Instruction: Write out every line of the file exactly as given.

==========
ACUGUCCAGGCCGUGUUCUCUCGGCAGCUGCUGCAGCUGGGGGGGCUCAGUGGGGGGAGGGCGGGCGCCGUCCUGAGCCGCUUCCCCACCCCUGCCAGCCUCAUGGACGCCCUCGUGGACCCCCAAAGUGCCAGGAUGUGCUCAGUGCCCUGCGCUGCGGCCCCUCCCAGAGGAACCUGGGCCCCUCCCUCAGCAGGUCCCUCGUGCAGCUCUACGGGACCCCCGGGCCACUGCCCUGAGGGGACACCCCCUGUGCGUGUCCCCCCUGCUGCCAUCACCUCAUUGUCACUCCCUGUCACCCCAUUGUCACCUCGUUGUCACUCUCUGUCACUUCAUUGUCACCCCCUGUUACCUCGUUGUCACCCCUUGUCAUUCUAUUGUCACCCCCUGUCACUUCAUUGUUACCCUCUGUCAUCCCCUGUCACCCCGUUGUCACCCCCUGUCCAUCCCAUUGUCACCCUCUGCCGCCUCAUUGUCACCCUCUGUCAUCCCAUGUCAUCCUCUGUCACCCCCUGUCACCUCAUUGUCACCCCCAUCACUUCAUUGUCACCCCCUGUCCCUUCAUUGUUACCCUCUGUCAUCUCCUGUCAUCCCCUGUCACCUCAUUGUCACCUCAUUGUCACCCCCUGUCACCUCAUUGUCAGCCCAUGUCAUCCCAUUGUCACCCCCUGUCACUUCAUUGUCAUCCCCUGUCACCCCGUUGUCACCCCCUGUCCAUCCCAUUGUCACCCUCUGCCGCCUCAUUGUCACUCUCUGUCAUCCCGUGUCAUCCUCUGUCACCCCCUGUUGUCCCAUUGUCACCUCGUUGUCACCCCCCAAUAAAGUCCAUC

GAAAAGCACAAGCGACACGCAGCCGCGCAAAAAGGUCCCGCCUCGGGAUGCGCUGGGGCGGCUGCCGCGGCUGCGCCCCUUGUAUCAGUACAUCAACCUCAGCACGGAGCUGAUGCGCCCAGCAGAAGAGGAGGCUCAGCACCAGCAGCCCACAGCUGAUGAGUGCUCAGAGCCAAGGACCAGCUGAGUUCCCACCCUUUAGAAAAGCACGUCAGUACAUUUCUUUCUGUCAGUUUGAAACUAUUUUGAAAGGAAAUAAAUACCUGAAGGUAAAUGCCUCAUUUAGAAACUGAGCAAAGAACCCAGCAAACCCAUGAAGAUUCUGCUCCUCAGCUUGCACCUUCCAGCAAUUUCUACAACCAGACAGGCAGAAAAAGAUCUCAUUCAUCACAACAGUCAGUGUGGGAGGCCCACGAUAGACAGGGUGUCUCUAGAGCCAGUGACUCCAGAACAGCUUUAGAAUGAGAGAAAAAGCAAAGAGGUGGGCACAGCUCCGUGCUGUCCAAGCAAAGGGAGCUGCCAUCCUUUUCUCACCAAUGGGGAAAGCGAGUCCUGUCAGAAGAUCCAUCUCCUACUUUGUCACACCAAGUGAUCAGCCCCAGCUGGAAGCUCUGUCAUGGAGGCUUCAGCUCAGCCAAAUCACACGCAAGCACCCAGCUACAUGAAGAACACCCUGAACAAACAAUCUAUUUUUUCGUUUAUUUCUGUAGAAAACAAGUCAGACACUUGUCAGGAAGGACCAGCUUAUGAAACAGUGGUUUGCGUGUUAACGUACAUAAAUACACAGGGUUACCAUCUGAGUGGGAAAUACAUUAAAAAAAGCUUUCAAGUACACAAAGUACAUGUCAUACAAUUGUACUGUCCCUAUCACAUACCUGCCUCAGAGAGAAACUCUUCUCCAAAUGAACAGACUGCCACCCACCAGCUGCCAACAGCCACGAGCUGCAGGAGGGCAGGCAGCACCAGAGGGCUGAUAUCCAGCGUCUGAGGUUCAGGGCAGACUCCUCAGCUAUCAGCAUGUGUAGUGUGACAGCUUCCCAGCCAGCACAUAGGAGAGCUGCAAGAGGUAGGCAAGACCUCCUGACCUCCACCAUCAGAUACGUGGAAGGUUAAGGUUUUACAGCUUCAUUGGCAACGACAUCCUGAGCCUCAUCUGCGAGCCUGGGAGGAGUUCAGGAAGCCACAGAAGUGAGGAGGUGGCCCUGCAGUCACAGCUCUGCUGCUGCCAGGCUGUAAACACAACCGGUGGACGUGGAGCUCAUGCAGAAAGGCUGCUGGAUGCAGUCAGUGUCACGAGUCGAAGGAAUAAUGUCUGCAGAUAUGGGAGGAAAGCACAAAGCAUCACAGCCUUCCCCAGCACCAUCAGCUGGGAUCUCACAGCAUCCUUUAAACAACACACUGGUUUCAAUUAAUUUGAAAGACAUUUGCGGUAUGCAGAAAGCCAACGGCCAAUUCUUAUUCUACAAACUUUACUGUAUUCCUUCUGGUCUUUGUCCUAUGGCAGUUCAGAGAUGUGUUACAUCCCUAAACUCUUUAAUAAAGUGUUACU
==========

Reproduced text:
ACUGUCCAGGCCGUGUUCUCUCGGCAGCUGCUGCAGCUGGGGGGGCUCAGUGGGGGGAGGGCGGGCGCCGUCCUGAGCCGCUUCCCCACCCCUGCCAGCCUCAUGGACGCCCUCGUGGACCCCCAAAGUGCCAGGAUGUGCUCAGUGCCCUGCGCUGCGGCCCCUCCCAGAGGAACCUGGGCCCCUCCCUCAGCAGGUCCCUCGUGCAGCUCUACGGGACCCCCGGGCCACUGCCCUGAGGGGACACCCCCUGUGCGUGUCCCCCCUGCUGCCAUCACCUCAUUGUCACUCCCUGUCACCCCAUUGUCACCUCGUUGUCACUCUCUGUCACUUCAUUGUCACCCCCUGUUACCUCGUUGUCACCCCUUGUCAUUCUAUUGUCACCCCCUGUCACUUCAUUGUUACCCUCUGUCAUCCCCUGUCACCCCGUUGUCACCCCCUGUCCAUCCCAUUGUCACCCUCUGCCGCCUCAUUGUCACCCUCUGUCAUCCCAUGUCAUCCUCUGUCACCCCCUGUCACCUCAUUGUCACCCCCAUCACUUCAUUGUCACCCCCUGUCCCUUCAUUGUUACCCUCUGUCAUCUCCUGUCAUCCCCUGUCACCUCAUUGUCACCUCAUUGUCACCCCCUGUCACCUCAUUGUCAGCCCAUGUCAUCCCAUUGUCACCCCCUGUCACUUCAUUGUCAUCCCCUGUCACCCCGUUGUCACCCCCUGUCCAUCCCAUUGUCACCCUCUGCCGCCUCAUUGUCACUCUCUGUCAUCCCGUGUCAUCCUCUGUCACCCCCUGUUGUCCCAUUGUCACCUCGUUGUCACCCCCCAAUAAAGUCCAUC

GAAAAGCACAAGCGACACGCAGCCGCGCAAAAAGGUCCCGCCUCGGGAUGCGCUGGGGCGGCUGCCGCGGCUGCGCCCCUUGUAUCAGUACAUCAACCUCAGCACGGAGCUGAUGCGCCCAGCAGAAGAGGAGGCUCAGCACCAGCAGCCCACAGCUGAUGAGUGCUCAGAGCCAAGGACCAGCUGAGUUCCCACCCUUUAGAAAAGCACGUCAGUACAUUUCUUUCUGUCAGUUUGAAACUAUUUUGAAAGGAAAUAAAUACCUGAAGGUAAAUGCCUCAUUUAGAAACUGAGCAAAGAACCCAGCAAACCCAUGAAGAUUCUGCUCCUCAGCUUGCACCUUCCAGCAAUUUCUACAACCAGACAGGCAGAAAAAGAUCUCAUUCAUCACAACAGUCAGUGUGGGAGGCCCACGAUAGACAGGGUGUCUCUAGAGCCAGUGACUCCAGAACAGCUUUAGAAUGAGAGAAAAAGCAAAGAGGUGGGCACAGCUCCGUGCUGUCCAAGCAAAGGGAGCUGCCAUCCUUUUCUCACCAAUGGGGAAAGCGAGUCCUGUCAGAAGAUCCAUCUCCUACUUUGUCACACCAAGUGAUCAGCCCCAGCUGGAAGCUCUGUCAUGGAGGCUUCAGCUCAGCCAAAUCACACGCAAGCACCCAGCUACAUGAAGAACACCCUGAACAAACAAUCUAUUUUUUCGUUUAUUUCUGUAGAAAACAAGUCAGACACUUGUCAGGAAGGACCAGCUUAUGAAACAGUGGUUUGCGUGUUAACGUACAUAAAUACACAGGGUUACCAUCUGAGUGGGAAAUACAUUAAAAAAAGCUUUCAAGUACACAAAGUACAUGUCAUACAAUUGUACUGUCCCUAUCACAUACCUGCCUCAGAGAGAAACUCUUCUCCAAAUGAACAGACUGCCACCCACCAGCUGCCAACAGCCACGAGCUGCAGGAGGGCAGGCAGCACCAGAGGGCUGAUAUCCAGCGUCUGAGGUUCAGGGCAGACUCCUCAGCUAUCAGCAUGUGUAGUGUGACAGCUUCCCAGCCAGCACAUAGGAGAGCUGCAAGAGGUAGGCAAGACCUCCUGACCUCCACCAUCAGAUACGUGGAAGGUUAAGGUUUUACAGCUUCAUUGGCAACGACAUCCUGAGCCUCAUCUGCGAGCCUGGGAGGAGUUCAGGAAGCCACAGAAGUGAGGAGGUGGCCCUGCAGUCACAGCUCUGCUGCUGCCAGGCUGUAAACACAACCGGUGGACGUGGAGCUCAUGCAGAAAGGCUGCUGGAUGCAGUCAGUGUCACGAGUCGAAGGAAUAAUGUCUGCAGAUAUGGGAGGAAAGCACAAAGCAUCACAGCCUUCCCCAGCACCAUCAGCUGGGAUCUCACAGCAUCCUUUAAACAACACACUGGUUUCAAUUAAUUUGAAAGACAUUUGCGGUAUGCAGAAAGCCAACGGCCAAUUCUUAUUCUACAAACUUUACUGUAUUCCUUCUGGUCUUUGUCCUAUGGCAGUUCAGAGAUGUGUUACAUCCCUAAACUCUUUAAUAAAGUGUUACU